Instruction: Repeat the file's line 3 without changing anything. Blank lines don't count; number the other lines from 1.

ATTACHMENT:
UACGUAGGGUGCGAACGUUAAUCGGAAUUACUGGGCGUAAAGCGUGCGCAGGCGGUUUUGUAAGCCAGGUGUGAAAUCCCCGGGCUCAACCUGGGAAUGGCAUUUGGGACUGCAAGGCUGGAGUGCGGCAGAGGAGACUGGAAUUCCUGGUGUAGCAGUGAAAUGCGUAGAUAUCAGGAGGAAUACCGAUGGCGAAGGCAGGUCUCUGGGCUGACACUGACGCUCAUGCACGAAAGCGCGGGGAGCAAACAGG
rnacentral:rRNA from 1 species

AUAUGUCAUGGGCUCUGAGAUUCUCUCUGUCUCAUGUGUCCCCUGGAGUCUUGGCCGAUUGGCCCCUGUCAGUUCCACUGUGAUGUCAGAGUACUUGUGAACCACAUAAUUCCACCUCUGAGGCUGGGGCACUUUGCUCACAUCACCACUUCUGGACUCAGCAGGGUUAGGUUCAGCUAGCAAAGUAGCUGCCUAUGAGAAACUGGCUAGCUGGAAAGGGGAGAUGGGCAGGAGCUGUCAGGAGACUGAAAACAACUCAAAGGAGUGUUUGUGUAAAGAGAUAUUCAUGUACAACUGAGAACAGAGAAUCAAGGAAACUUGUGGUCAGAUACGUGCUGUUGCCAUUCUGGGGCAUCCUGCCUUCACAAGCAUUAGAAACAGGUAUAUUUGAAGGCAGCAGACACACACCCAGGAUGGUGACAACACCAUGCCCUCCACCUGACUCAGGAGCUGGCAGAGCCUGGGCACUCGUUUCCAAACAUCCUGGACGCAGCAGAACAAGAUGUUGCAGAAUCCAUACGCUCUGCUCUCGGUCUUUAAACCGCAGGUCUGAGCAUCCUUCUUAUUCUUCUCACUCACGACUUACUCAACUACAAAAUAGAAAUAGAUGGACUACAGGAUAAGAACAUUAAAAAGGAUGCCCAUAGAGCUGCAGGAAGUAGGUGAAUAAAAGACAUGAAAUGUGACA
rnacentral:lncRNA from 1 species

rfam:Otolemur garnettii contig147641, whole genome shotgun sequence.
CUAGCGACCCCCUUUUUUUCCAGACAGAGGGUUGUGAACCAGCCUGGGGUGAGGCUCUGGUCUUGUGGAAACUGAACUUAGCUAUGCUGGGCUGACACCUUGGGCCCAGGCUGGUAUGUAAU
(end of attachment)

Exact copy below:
AUAUGUCAUGGGCUCUGAGAUUCUCUCUGUCUCAUGUGUCCCCUGGAGUCUUGGCCGAUUGGCCCCUGUCAGUUCCACUGUGAUGUCAGAGUACUUGUGAACCACAUAAUUCCACCUCUGAGGCUGGGGCACUUUGCUCACAUCACCACUUCUGGACUCAGCAGGGUUAGGUUCAGCUAGCAAAGUAGCUGCCUAUGAGAAACUGGCUAGCUGGAAAGGGGAGAUGGGCAGGAGCUGUCAGGAGACUGAAAACAACUCAAAGGAGUGUUUGUGUAAAGAGAUAUUCAUGUACAACUGAGAACAGAGAAUCAAGGAAACUUGUGGUCAGAUACGUGCUGUUGCCAUUCUGGGGCAUCCUGCCUUCACAAGCAUUAGAAACAGGUAUAUUUGAAGGCAGCAGACACACACCCAGGAUGGUGACAACACCAUGCCCUCCACCUGACUCAGGAGCUGGCAGAGCCUGGGCACUCGUUUCCAAACAUCCUGGACGCAGCAGAACAAGAUGUUGCAGAAUCCAUACGCUCUGCUCUCGGUCUUUAAACCGCAGGUCUGAGCAUCCUUCUUAUUCUUCUCACUCACGACUUACUCAACUACAAAAUAGAAAUAGAUGGACUACAGGAUAAGAACAUUAAAAAGGAUGCCCAUAGAGCUGCAGGAAGUAGGUGAAUAAAAGACAUGAAAUGUGACA